What’s next for you? What’s your next big idea or project?
Continuing with the novel (my biggest challenge to date) and finishing a couple more screenplays I have in the works. I’m also directing my first short film this year, so I look forward to that experience later this year as well!
Favourite recipe: For dinner, something called “The Fish Dish” a recipe I discovered in Uni and have shared with family and friends ever since, and for dessert?I have a pumpkin chocolate cake, and a gingerbread cake recipe that vie for my allegiance all through the winter holiday months.
iPhone or Android: iPhone, but only because it was a hand me down. Otherwise I would still be using my little flip phone from the 90’s. I hate getting new things if the old one hasn’t conked out yet!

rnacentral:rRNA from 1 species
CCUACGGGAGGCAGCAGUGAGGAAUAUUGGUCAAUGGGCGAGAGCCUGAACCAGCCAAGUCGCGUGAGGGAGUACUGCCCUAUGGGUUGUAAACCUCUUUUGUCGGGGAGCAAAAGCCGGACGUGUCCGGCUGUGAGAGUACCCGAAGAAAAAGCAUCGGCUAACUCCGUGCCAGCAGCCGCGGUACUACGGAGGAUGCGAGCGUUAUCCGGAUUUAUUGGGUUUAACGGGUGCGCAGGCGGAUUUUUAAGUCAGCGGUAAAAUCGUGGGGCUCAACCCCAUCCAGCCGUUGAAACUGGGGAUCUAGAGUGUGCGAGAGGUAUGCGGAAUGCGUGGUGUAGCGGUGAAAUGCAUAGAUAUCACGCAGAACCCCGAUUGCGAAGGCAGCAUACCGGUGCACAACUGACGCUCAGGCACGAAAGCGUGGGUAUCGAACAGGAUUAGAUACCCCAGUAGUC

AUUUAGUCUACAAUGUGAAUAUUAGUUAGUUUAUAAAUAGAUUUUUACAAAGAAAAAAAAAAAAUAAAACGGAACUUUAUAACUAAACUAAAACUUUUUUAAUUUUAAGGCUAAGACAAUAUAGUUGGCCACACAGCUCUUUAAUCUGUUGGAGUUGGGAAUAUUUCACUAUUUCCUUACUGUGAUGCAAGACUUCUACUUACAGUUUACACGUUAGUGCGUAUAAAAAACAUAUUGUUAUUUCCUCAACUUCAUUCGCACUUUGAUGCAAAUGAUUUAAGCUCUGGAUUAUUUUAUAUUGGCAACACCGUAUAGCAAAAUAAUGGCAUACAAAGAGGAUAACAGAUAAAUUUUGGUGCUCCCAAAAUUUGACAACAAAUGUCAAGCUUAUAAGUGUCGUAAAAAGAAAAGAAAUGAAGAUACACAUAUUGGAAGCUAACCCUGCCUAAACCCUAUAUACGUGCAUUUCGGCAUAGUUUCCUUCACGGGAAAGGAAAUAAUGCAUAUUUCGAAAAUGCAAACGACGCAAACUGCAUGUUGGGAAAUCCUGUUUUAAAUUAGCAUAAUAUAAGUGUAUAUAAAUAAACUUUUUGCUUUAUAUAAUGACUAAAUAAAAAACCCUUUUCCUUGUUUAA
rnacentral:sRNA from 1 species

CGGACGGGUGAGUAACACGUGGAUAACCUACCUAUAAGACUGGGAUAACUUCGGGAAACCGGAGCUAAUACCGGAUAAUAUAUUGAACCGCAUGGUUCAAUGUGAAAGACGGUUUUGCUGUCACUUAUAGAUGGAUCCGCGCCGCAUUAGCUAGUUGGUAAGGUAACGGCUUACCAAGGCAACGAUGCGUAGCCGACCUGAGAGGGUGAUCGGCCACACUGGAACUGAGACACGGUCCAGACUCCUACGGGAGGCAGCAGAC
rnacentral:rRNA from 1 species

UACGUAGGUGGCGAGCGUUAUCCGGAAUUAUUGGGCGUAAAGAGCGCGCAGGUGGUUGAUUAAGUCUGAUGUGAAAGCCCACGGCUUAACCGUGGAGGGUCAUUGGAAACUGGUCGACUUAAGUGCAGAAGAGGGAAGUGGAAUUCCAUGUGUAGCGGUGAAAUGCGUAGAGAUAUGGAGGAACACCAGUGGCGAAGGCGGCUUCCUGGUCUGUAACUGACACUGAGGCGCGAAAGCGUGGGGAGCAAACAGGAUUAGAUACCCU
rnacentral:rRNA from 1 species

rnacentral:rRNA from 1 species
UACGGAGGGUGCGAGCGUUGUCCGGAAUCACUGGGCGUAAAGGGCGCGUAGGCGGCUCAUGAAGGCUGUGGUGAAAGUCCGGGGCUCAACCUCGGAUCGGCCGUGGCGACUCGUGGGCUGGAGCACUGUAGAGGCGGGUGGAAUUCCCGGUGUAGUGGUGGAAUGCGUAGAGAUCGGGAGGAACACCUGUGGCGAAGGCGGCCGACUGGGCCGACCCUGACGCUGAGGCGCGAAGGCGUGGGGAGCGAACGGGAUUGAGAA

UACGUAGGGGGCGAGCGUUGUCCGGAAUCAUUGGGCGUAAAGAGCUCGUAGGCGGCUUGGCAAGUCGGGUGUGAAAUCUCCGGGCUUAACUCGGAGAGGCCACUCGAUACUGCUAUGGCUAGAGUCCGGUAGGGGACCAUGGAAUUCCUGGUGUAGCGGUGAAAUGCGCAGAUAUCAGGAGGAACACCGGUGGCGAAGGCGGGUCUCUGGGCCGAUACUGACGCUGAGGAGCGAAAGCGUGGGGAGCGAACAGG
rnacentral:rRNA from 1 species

What are you driving: I don’t drive! I ride my bike, take the bus and use the subway.
Absolute WORST experience on set/shoot:
Before I became union, I worked on a non union movie where all the crew and the director were from Japan, and NO ONE ON SET SPOKE ENGLISH. We were shooting in this big warehouse in the middle of nowhere, and it became pretty clear partway though the day that the director expected me to disrobe, which had NOT been discussed.
At one point he was screaming at me in Japanese, and ripping at my blouse in order to show the other actor what he wanted. It was horrible, and the poor actor felt terrible. This was before cell phones, and the poor guy kept trying to walk me off set to get to a phone to call my agent, but the crew would block us and not let us leave set. In the end, he ended up practically carrying me out of there, and driving me to a phone booth where I called my crappy agent at the time and gave her a piece of my mind. Nothing has ever happened like that since, and I truly understood, on that day, why we need unions!